Open the heart.
Move a stone.
The first line, the first step - To the sea!
The first step demands the total destiffening of the roots and trunk area. This minimalisation process leads to an anticlastic structure. With heart-blows and foundation-blows from the back, the frequency of the fundamental mode will decrease to its minimum. At this point it will have its minimal curvature. If this is done, consequently the future note will have a stable structure. The tuner controls this step by listening for the decrease of the lowest frequency.
Second line, second step - Plant the tree!
The tree is the octave of the note. Upside root-blows stiffens the trunk, the frequency raises. This has to be done symmetrically, starting from the thicker roots, because thicker roots define more the sound through their stiffness. This is the most stable mode of the three lowest partials, it rarely goes out of tune.
Third line, third step - Open the heart!
In notes of the middle range, the fundamental will stay low during the second step, because its foundation is not touched. Sensitive heart-blows from the underside, now raises the fundamental until it reaches its absolute frequency. The dome is established and we have already a harmonically tuned tone. We arrived at the ratio 1:2. The octave will rarely change, because this manipulation happens on the nodal-line of the octave.
Fourth line, fourth step - Move a stone
To reinforce the structure, and to get another harmonic; roots-blows at the (0,1) mode, near the octave nodal-line, have to be made (we call them also support-blows). That way you move a stone to the foundation; that means you stabilise the foundation. This has to be done symmetrically.
To correct the ratios; we manipulate the crown from the upside, to lower the fundamental; and with upside trunk-blows, we lower the octave.
Here I have to stop and to ask: A brilliant one? Then you have to listen to the second octave - the (2,0) mode. The tuner analyses its frequency at the octave roots. It needs a flat note in octave direction to tune in the 2nd octave. But in many notes you have to lower the fifth to get the brightness.
Do you want a mellow sound? Try to get in the fifth, perhaps you will loose the second octave and you will have a problem of balance. You see, at this moment, all depends on the character you want to give to the pan; or I should better say, the tuner is at a limit, where he has to set priorities: limits of material, limits of balance, limits of harmonic tuning etc.
The tuning process I presented is based on the principals of symmetry, minimisation of stiffness, splitting of modes by anticlastic boundary. Tuning means a process which fulfills the following demands: Stability of the note, harmonic tone structure, control of recoupling.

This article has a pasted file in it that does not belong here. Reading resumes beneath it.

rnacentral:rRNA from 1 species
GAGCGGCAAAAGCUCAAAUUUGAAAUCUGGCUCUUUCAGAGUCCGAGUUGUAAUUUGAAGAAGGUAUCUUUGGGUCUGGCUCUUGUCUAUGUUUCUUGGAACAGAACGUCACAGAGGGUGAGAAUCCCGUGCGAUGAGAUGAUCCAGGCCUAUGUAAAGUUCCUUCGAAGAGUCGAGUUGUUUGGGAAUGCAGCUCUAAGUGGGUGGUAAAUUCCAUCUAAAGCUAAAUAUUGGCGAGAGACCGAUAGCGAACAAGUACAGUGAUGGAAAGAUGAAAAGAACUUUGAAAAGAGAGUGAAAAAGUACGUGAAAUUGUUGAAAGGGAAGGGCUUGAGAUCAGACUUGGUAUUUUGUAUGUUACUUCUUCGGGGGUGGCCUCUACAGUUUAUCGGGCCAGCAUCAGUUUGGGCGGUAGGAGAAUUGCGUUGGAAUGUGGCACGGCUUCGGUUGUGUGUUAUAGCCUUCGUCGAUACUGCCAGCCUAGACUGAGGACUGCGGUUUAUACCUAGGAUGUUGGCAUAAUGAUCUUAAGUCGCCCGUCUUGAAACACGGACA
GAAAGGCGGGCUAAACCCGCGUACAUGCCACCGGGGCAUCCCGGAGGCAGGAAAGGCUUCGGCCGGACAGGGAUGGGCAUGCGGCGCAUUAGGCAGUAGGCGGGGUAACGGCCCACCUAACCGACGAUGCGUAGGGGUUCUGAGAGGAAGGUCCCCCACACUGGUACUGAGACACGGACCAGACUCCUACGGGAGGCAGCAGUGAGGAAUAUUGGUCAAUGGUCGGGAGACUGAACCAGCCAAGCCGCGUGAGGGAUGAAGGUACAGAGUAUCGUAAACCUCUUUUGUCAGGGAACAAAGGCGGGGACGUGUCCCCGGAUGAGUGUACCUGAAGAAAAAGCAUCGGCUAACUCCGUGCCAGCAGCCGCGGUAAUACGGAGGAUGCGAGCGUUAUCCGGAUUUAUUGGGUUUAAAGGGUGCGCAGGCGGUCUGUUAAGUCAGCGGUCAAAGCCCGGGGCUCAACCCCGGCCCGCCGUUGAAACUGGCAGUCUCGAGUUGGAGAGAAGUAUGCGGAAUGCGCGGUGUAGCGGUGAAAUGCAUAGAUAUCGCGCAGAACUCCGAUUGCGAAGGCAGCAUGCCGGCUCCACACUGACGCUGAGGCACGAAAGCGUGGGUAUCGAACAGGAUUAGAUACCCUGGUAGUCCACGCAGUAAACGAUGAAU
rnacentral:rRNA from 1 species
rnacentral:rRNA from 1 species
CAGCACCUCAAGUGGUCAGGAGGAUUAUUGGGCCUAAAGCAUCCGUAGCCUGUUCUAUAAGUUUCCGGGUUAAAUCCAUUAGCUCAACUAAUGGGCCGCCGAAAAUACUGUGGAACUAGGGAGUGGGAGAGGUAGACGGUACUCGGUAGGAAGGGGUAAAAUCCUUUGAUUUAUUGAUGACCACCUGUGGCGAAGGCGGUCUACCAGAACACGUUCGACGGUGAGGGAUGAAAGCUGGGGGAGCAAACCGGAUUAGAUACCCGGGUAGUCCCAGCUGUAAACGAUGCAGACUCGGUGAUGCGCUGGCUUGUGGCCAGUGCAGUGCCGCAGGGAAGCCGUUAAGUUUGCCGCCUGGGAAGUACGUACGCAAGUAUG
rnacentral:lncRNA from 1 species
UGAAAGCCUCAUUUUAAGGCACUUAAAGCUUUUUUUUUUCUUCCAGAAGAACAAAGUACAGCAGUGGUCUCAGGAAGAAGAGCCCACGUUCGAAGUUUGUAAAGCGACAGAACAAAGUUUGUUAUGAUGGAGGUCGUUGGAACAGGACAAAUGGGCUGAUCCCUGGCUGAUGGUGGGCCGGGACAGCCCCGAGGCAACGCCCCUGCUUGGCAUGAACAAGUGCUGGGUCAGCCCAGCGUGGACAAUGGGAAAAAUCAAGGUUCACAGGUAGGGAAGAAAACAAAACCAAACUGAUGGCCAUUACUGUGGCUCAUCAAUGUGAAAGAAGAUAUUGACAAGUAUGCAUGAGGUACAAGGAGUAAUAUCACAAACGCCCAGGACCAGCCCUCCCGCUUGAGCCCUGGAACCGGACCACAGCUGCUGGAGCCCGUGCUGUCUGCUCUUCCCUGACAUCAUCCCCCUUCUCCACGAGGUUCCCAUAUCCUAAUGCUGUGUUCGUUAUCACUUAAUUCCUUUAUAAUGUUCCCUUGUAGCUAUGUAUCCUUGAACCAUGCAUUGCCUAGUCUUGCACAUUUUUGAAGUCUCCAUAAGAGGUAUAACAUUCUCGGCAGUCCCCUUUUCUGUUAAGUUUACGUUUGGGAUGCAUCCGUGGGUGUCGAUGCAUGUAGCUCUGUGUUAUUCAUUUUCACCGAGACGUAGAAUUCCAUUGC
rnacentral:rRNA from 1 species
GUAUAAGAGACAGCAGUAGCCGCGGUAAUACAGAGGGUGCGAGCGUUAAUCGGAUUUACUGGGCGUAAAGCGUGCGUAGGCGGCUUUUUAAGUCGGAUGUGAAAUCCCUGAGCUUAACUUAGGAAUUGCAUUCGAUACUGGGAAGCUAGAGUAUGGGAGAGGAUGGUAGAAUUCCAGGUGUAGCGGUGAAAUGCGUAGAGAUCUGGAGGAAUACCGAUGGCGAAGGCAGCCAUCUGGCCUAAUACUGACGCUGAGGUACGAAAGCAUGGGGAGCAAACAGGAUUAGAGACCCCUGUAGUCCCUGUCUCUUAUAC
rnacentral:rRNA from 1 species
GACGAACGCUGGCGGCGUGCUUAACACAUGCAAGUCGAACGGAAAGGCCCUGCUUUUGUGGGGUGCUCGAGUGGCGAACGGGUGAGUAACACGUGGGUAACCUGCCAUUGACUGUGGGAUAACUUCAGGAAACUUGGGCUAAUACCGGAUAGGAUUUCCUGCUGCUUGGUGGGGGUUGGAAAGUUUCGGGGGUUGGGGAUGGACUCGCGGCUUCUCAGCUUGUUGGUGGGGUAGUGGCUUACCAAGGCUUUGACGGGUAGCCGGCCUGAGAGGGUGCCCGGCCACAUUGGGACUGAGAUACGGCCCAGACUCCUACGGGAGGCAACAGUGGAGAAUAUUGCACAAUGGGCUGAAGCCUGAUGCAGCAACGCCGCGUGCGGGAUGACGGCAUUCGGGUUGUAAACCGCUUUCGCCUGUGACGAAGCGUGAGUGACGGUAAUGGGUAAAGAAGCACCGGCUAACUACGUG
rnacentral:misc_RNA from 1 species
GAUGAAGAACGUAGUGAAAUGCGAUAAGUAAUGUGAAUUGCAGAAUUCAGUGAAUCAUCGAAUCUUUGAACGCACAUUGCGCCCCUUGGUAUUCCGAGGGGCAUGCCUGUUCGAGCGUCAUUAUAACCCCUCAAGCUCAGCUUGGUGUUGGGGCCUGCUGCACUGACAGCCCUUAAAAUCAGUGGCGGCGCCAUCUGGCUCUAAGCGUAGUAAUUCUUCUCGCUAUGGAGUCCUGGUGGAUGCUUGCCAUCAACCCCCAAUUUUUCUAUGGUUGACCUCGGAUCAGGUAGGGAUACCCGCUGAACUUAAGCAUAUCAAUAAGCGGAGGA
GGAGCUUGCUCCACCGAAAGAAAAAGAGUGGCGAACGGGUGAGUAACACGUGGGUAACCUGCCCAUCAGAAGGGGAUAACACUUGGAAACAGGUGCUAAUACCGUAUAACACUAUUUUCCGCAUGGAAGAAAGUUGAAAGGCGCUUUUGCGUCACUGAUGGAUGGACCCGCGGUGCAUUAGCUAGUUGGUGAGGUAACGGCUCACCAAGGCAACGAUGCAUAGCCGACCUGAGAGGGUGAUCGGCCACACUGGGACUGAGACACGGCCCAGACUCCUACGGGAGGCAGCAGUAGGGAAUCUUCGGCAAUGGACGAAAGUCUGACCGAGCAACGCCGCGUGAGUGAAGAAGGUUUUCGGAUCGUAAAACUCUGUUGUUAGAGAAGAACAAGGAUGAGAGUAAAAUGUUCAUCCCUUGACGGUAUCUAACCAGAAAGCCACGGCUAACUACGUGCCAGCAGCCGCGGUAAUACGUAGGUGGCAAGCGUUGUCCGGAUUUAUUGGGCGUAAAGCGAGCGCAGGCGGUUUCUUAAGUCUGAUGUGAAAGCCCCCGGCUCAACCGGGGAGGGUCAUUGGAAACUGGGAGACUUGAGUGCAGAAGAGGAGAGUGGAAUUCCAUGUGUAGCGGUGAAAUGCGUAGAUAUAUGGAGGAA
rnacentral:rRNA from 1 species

One important aspect of the tuning has to be mentioned: The external tension. Each deformation provokes external tension in form of compression and tensile stresses in the microstructure as well as in the macrostructure of the shell. These stresses can be used for tuning, but it has to be said that external tension lead nearer to the yield point of the material, and the note will go out of tune faster, by hard playing or changes in temperature. There are methods to eliminate these tensions and to relax the structure; low tempering and blows into the centre of the note. The producers of springs use the same method; they overcharge the spring. It will be stronger afterwards.
Ladies and gentlemen, the pan is in development. It will be a voice in many regions of the world. The clamped shallow shell will get many forms if the tuners don't loose their vision of sound; and don't stop studying the laws of the metal.
Anywhere on the world a child is beating, at this moment, on a container. I'm sure, pan is not in danger.
FOR twenty five years steelpans have been made in Switzerland. The enormous demand for steelpans and problems with the materials available, provoked serious research.
PANArt Ltd invested in the development of the rawform to replace the [use of the bottom of the traditional 55 gallon steel] barrel. The initial idea was to create a form which the panmakers could use like a painter uses a canvas.
There are some tuners in Europe and the USA who have already worked on it. We have worked on this form for five years and it has opened to us new horizons. The rawform led to the dome geometry of the note, to a new tone quality and to new instruments.
The PANG instruments are all made of the same steel. Some of the instruments are made of the deepdrawn form I will introduce to you.
A lot of research was needed to find a solution to the following main questions:
How to get more durability? And how to get rid of the sinking by hand?
How to make the steel stronger?
Even specialists claimed that there is no way to harden sheet which has low content of carbon by tempering and quenching. By a stroke of good luck, we were told the story of the ancient Spanish smiths who shocked the tools in horse urine in order to harden them. This was the hint to the gas-nitriding process. Nowadays gas-nitriding is used for special tools and elements of machines and cars, which need a high surface hardness, fatigue strength and wear resistance. It is rare to find gas-nitriding in use with sheet metal, except in a few cases; but it can be found in use, in particular by the spring industries, as high tensile strength is needed for their springs. For durable instruments we need both, high tensile strength and fatigue strength.
What method could replace the strenuous sinking by hand?
The idea to have the sinking done by machines is not new. There have been attempts at machine made pans in England and in Trinidad. The industry uses various methods of metal forming: One of them is the deepdrawing. For the deepdrawing one uses soft steel, to be more precise, a steel which has a lot of elongation. But as we don't want to end up with soft pans, we split the forming and the hardening into two processes.
The automotive industry is faced with a similar problem: For forming they also need a steel with a lot of elongation, but in the end; the car body has to be rigid and buckle resistant and, at the same time, it should not be so hard as  to break.